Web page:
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Thelemic Time Server v2 BETA - available for testing

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eol
 eol
(@eol)
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Joined: 13 years ago
Posts: 254
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Dear LAShTAL members,

It is with great pleasure that I'm announcing the release of Thelemic Time Server v2 into public beta testing. New TTS is work of one cool guy called Clay Fouts. I just helped with initial testing and made the whole LAShTAL setup. New TTS is way cooler than what we're using right now. The most important thing for me - no more PHP. TTS is using Era Legis module written in Perl.

Further, we have moved completely to plain text which allows anyone using TTS on their website to do complete formatting independent of what we send as a result.

TTS v2 can be found here: http://date.lashtal.com/ It is a very simple HOWTO page. If you need any further help please do contact us. Our TTS is running on the following URL: http://date.lashtal.com/date/

In order to see any date in future or in the past just feed URL with the desired date: http://date.lashtal.com/date/2013-03-20 In order to see this same result in PNG format use: http://date.lashtal.com/date/2013-03-20?format=png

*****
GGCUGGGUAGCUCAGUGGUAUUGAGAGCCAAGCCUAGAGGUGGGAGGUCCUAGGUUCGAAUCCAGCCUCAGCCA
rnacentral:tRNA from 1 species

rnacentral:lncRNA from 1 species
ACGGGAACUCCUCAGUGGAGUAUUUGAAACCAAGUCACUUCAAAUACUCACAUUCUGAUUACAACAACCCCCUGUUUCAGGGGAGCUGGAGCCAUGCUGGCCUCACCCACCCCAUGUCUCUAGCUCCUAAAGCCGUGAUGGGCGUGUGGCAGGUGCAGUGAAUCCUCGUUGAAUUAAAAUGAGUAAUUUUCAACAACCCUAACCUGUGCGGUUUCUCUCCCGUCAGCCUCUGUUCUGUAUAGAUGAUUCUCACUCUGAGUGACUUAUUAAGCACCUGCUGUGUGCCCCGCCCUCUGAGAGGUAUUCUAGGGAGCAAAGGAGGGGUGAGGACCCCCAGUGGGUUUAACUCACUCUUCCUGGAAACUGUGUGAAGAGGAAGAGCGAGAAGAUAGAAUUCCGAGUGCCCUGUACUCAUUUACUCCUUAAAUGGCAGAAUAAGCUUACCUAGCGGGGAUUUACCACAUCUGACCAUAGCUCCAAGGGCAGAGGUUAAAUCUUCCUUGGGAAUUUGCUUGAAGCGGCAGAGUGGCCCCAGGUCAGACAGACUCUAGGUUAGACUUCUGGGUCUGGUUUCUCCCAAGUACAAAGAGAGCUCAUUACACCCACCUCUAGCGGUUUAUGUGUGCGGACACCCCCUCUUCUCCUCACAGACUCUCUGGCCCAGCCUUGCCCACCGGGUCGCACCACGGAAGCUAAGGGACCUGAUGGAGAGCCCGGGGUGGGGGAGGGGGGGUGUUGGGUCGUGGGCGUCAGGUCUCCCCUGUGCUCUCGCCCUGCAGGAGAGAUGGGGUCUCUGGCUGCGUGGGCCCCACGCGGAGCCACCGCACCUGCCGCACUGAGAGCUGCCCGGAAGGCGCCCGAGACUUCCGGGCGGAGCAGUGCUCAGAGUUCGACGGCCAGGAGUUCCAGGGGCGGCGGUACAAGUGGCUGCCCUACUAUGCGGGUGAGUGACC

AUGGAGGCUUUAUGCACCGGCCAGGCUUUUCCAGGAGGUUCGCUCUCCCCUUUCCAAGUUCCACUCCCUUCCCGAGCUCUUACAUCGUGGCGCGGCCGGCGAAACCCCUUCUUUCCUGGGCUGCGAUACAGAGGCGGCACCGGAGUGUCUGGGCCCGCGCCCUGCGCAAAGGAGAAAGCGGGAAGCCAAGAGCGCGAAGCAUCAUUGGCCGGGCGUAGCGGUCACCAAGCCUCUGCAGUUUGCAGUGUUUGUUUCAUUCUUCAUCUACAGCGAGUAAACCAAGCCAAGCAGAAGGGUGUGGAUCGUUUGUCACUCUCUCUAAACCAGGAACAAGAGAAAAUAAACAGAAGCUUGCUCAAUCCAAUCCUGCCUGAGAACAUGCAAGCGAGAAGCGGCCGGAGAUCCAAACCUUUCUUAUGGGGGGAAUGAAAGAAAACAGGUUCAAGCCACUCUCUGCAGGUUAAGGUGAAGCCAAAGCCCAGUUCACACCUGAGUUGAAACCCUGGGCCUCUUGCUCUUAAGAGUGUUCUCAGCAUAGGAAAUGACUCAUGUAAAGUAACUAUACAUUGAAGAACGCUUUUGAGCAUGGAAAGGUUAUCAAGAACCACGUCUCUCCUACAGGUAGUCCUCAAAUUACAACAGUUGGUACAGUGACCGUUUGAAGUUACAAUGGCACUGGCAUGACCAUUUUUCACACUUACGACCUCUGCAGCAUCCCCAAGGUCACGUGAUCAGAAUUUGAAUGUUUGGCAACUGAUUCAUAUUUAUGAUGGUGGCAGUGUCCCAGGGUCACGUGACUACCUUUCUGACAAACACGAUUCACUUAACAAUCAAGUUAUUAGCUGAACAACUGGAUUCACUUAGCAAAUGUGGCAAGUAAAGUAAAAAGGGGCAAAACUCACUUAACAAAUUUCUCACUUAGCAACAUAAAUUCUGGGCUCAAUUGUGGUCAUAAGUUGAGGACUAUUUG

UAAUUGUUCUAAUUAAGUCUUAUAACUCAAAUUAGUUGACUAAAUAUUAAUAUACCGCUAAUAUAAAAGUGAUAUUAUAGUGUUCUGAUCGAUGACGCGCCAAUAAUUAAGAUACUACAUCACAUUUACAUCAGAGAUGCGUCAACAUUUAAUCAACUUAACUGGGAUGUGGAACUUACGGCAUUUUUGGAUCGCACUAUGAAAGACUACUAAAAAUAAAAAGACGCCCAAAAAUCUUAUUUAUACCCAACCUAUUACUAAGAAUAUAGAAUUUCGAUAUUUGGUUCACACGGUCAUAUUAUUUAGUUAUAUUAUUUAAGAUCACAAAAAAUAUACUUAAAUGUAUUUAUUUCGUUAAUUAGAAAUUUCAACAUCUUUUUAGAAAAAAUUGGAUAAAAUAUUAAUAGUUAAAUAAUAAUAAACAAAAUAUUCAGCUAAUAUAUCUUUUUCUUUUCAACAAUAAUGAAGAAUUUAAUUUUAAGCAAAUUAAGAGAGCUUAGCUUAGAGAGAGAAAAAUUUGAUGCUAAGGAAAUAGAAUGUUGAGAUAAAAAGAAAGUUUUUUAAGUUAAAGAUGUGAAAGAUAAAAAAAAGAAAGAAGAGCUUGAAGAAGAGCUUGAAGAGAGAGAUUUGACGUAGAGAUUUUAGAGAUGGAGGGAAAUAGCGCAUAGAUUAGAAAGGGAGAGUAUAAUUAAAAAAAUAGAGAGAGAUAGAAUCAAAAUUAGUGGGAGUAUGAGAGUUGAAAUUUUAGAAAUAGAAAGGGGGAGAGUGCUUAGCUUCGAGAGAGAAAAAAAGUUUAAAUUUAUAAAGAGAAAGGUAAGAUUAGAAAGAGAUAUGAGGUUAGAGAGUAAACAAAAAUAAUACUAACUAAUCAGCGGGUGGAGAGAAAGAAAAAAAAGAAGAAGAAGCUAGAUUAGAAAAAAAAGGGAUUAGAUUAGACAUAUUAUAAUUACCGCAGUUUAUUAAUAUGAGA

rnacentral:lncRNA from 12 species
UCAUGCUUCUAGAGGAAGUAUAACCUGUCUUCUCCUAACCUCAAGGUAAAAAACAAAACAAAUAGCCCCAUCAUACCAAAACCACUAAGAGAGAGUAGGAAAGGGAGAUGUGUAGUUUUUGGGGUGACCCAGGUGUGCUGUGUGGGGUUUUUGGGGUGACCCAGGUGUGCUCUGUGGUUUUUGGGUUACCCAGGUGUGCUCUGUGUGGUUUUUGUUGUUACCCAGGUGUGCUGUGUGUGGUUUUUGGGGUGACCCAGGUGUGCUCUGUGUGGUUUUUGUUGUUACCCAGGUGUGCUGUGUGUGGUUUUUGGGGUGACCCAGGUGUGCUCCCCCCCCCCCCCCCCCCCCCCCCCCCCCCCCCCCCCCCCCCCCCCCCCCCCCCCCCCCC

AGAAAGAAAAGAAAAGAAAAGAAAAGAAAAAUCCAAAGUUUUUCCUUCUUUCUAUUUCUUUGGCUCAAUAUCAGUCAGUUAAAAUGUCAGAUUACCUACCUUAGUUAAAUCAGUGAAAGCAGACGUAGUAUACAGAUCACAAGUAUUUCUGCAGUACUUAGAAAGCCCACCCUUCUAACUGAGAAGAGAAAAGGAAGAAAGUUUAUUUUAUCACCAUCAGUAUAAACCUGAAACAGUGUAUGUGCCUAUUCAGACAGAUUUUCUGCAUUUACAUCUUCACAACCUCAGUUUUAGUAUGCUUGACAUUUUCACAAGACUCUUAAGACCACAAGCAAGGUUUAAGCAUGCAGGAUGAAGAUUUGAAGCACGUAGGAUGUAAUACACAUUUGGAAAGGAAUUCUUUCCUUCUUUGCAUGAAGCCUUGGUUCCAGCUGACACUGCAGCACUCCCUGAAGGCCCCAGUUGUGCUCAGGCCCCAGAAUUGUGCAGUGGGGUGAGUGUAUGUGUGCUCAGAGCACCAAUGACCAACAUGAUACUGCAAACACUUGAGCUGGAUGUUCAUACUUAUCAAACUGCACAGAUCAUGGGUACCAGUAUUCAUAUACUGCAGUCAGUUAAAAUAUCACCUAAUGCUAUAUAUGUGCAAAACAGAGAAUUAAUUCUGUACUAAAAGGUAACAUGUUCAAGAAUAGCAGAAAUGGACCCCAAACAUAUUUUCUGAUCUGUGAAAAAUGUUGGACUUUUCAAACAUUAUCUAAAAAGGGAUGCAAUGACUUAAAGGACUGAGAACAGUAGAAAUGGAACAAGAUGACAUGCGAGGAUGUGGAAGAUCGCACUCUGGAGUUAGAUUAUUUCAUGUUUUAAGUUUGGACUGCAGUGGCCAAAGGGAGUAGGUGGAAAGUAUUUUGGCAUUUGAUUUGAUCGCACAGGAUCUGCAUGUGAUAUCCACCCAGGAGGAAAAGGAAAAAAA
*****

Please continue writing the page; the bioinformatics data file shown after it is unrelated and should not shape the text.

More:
The plan is to make a more user friendly page that will let you see past and future dates as well convert Thelemic dates into vulgar ones. Android and iPhone apps are planned too.

Please, try it, test it, break it... we need to know if there are nay bugs left before removing "BETA" from TTS.

This is one of very few things that are left on TODO list before we can say that LAShTAL is completely free of the old code.

Your friendly system administrator,
eol


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lashtal
(@lashtal)
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Joined: 19 years ago
Posts: 5359
 

Thank you so much, eol and Clay, for all your hard work!

A wonderful addition/upgrade to LAShTAL.COM...

Owner and Editor
LAShTAL


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eol
 eol
(@eol)
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TTS will be down for some 30 min. I have detected some small issues and would like to fix them right away. πŸ™‚


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eol
 eol
(@eol)
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Joined: 13 years ago
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Back online.


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William Thirteen
(@williamthirteen)
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Joined: 12 years ago
Posts: 1102